This is the reasonably long-rumored bundle of Apple services under one fee. It means you get ones you want, like Apple Music, together with ones you’re not that fussed about, like Apple Arcade, and in theory you pay less.
In practice, the varieties of bundles that will be available, when this launches later in 2020, are pretty specific and limited. You may save, but you may not, and it all comes down to precisely the collection of Apple services that you have now — or that you want.
Perhaps tipping the scale, though, is how Apple’s list of services has now grown by one. Apple Fitness+ was announced this September and it is either $9.99 per month — or is included “for free” in the most expensive Apple One Premier bundle.
Apple One still sounds like a starship, but in the right circumstances, it is a good deal. If you don’t happen to use a mix of Apple services that would get you a saving, then that’s a shame, but you don’t lose out.
You might well have expected there to be some complaints from people who’d like more options for Apple One. But what you surely couldn’t have foreseen was that it would be Apple One that anybody would get upset about.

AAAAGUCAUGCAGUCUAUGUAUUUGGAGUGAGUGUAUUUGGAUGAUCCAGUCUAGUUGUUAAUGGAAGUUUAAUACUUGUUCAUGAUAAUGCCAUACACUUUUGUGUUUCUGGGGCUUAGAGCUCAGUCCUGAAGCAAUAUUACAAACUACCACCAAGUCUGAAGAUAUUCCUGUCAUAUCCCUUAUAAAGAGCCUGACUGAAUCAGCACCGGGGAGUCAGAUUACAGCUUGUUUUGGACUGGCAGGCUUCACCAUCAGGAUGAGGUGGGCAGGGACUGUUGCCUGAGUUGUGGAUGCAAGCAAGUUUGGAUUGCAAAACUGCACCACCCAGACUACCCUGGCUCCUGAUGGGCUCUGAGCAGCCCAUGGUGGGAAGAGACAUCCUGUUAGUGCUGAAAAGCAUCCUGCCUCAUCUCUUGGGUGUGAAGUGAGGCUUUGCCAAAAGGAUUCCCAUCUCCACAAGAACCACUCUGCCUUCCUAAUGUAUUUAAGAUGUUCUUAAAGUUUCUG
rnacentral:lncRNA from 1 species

Antitrust and App Store woes
Spotify leapt on the new Apple One bundle as somehow being Apple stifling the market. Apple replied by saying “Eh?”
Okay, Spotify actually said that Apple One “threatens our collective freedoms to listen, learn, create, and connect.” And Apple actually responded that “customers can discover and enjoy alternatives to every one of Apple’s services.”
“We’re introducing Apple One because it is a great value for customers and a simple way to access the full range of Apple’s subscription services,” continued Apple. “We’ll be recommending the Apple One plan that saves you the most money based on the subscriptions you already have.”
In case that didn’t persuade Spotify, Apple also threw in the fact that “you can cancel anytime.”
Apple would’ve obviously liked September to be the month where its “Time Flies” event dominated, and where its lack of an iPhone launch wasn’t a problem. Instead, right alongside its launches, Apple got more and more of companies like Spotify basically dissing it.